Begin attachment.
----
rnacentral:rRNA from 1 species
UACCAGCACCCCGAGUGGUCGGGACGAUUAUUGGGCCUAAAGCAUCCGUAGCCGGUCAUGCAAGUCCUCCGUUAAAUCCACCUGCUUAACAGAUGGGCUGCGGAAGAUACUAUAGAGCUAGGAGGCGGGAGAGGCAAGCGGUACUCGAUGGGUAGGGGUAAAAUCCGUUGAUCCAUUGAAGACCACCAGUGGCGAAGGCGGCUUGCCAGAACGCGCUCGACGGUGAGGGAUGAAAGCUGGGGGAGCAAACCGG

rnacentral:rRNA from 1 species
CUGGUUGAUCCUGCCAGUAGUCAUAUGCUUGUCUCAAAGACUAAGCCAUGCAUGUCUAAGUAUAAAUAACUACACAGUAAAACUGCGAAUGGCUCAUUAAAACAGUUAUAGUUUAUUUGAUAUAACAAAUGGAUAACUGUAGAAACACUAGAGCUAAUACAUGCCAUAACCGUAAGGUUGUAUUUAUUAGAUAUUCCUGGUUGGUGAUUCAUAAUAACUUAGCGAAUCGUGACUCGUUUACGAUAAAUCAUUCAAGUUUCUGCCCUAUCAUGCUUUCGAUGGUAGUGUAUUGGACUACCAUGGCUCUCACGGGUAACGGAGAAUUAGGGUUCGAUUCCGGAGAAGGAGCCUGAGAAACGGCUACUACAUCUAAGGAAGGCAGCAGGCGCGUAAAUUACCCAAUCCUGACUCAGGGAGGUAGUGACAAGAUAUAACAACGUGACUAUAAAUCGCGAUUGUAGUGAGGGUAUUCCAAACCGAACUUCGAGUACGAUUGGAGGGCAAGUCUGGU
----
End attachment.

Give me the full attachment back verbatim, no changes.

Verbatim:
rnacentral:rRNA from 1 species
UACCAGCACCCCGAGUGGUCGGGACGAUUAUUGGGCCUAAAGCAUCCGUAGCCGGUCAUGCAAGUCCUCCGUUAAAUCCACCUGCUUAACAGAUGGGCUGCGGAAGAUACUAUAGAGCUAGGAGGCGGGAGAGGCAAGCGGUACUCGAUGGGUAGGGGUAAAAUCCGUUGAUCCAUUGAAGACCACCAGUGGCGAAGGCGGCUUGCCAGAACGCGCUCGACGGUGAGGGAUGAAAGCUGGGGGAGCAAACCGG

rnacentral:rRNA from 1 species
CUGGUUGAUCCUGCCAGUAGUCAUAUGCUUGUCUCAAAGACUAAGCCAUGCAUGUCUAAGUAUAAAUAACUACACAGUAAAACUGCGAAUGGCUCAUUAAAACAGUUAUAGUUUAUUUGAUAUAACAAAUGGAUAACUGUAGAAACACUAGAGCUAAUACAUGCCAUAACCGUAAGGUUGUAUUUAUUAGAUAUUCCUGGUUGGUGAUUCAUAAUAACUUAGCGAAUCGUGACUCGUUUACGAUAAAUCAUUCAAGUUUCUGCCCUAUCAUGCUUUCGAUGGUAGUGUAUUGGACUACCAUGGCUCUCACGGGUAACGGAGAAUUAGGGUUCGAUUCCGGAGAAGGAGCCUGAGAAACGGCUACUACAUCUAAGGAAGGCAGCAGGCGCGUAAAUUACCCAAUCCUGACUCAGGGAGGUAGUGACAAGAUAUAACAACGUGACUAUAAAUCGCGAUUGUAGUGAGGGUAUUCCAAACCGAACUUCGAGUACGAUUGGAGGGCAAGUCUGGU